|Range||MDL||Method||Kit Catalog No.||Refill Catalog No.|
|0-4 & 0-80 ppm||0.125 ppm||Hydroxybenzyl Alcohol (HBA)||K-1420||R-1402|
|0-125 & 0-2500 ppm||8 ppm||Hydroxybenzyl Alcohol (HBA)||K-1420D||R-1402D|
|0-500 & 0-10,000 ppm||30 ppm||Hydroxybenzyl Alcohol (HBA)||K-1420B||R-1402B|
|0-1 & 1-10 ppm||0.05 ppm||Direct Nesslerization||K-1510*||R-1501*|
|0-30 & 30-300 ppm||5 ppm||Direct Nesslerization||K-1510D*||R-1501D*|
|0-60 & 60-600 ppm||10 ppm||Direct Nesslerization||K-1510A*||R-1501A*|
|0-120 & 120-1200 ppm||20 ppm||Direct Nesslerization||K-1510B*||R-1501B*|
|0-1000 & 1000-10,000 ppm||100 ppm||Direct Nesslerization||K-1510C*||R-1501C*|
|Range||Method||Kit Catalog No.|
|0-3.00 & 0-60.0 ppm||Hydroxybenzyl Alcohol (HBA)||K-1413|
|0-7.00 ppm||Direct Nesslerization||K-1503*|
|0-14.0 ppm||Direct Nesslerization||K-1523*|
Low-level ammonia nitrogen may be naturally present in water as a result of the biological decay of plant and animal matter. Higher concentrations in surface waters can indicate contamination from waste treatment facilities, raw sewage, industrial effluents (particularly from petroleum refineries), or fertilizer runoff. Excessive ammonia concentrations are toxic to aquatic life.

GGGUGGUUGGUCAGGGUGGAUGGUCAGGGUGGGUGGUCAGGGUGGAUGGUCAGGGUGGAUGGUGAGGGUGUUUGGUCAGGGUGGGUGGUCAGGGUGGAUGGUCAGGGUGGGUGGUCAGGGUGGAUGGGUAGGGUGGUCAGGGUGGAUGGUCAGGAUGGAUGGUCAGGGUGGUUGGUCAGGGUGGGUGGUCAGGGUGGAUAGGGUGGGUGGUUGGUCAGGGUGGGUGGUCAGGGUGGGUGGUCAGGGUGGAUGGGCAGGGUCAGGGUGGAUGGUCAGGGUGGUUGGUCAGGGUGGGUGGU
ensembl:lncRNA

In the ammonia test method that employs the Hydroxybenzyl Alcohol chemistry, free ammonia reacts with hypochlorite to form monochloramine. Monochloramine reacts with HBA, in the presence of sodium nitroferricyanide, to form a green colored complex. This test method measures the sum of free ammonia and monochloramine. Results are expressed in ppm (mg/L) ammonia-nitrogen, NH3-N.The Hydroxybenzyl Alcohol Method offers sensitivity similar to the Nesslerization Method and there is no generation of mercury-containing waste.